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IBA: Myers Paralegal of the Year

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In 1983 Michael Jackson’s Thriller was the album of the year. Flashdance was in the movie theaters, and Ronald Reagan was in the White House. It’s also the year that Mary E. Myers of Kroger Gardis & Regas began her paralegal career providing “added value” to the law practice of Indianapolis attorney and Kroger Gardis & Regas partner David Wright.

For the “remarkable results” for which she is credited and for the excellent example she has provided throughout her career, Myers has been selected as the 2010 IBA Paralegal of the Year. She will be recognized at the Paralegal Appreciation Luncheon on Thursday, May 20 at noon at Ruth’s Chris Steakhouse downtown.
 

Myers-Mary Mary E. Myers

In nominating Myers for this recognition, Wright noted that “Mary has served over the years as an example to others, including new and developing lawyers, of ‘what it takes’, and ‘how it’s done’ in the sometimes intense, fast-paced and demanding environment of litigation.” Seven additional lawyers joined Wright in nominating Myers to which he noted, “The fact that Mary has left a trail of very impressed professional admirers speaks loudly.”

Jim Lauck, also a partner at Kroger Gardis & Regas, said in his nomination of Myers, “To be considered for this wonderful honor seems to be most fitting for someone as unassuming, effective and important as Mary Myers is to our law firm.” Another nominator added, “Mary not only assists those attorneys she is working with, but she is a key contributing and value adding member to the success of any given matter.”

Ultimately, one word seemed to sum up each of glowing remarks made about Myers – “indispensable.” The same characteristic possessed by all past recipients of the IBA Paralegal of the Year.

A member of the Indianapolis Bar Association and an active member of the Indiana Paralegal Association (IPA), Myers has served in various capacities for the IPA. Currently nearly 200 paralegals are members of the Indianapolis Bar Association where they gain relevant legal education and benefit from professional networking.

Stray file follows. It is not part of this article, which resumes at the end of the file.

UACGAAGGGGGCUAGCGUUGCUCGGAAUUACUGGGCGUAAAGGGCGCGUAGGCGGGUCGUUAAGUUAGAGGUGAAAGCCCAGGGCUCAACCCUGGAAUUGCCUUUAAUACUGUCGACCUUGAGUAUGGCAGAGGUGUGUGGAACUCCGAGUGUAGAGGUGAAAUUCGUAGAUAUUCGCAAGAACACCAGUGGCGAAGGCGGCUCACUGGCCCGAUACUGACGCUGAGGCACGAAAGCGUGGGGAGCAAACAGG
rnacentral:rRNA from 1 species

Consider recognizing a paralegal in your life by attending the appreciation luncheon together on May 20. Leaving your desk to tell someone “thank you” is never a bad idea.

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  2. Seventh Circuit Court Judge Diane Wood has stated in “The Rule of Law in Times of Stress” (2003), “that neither laws nor the procedures used to create or implement them should be secret; and . . . the laws must not be arbitrary.” According to the American Bar Association, Wood’s quote drives home this point: The rule of law also requires that people can expect predictable results from the legal system; this is what Judge Wood implies when she says that “the laws must not be arbitrary.” Predictable results mean that people who act in the same way can expect the law to treat them in the same way. If similar actions do not produce similar legal outcomes, people cannot use the law to guide their actions, and a “rule of law” does not exist.

  3. Linda, I sure hope you are not seeking a law license, for such eighteenth century sentiments could result in your denial in some jurisdictions minting attorneys for our tolerant and inclusive profession.

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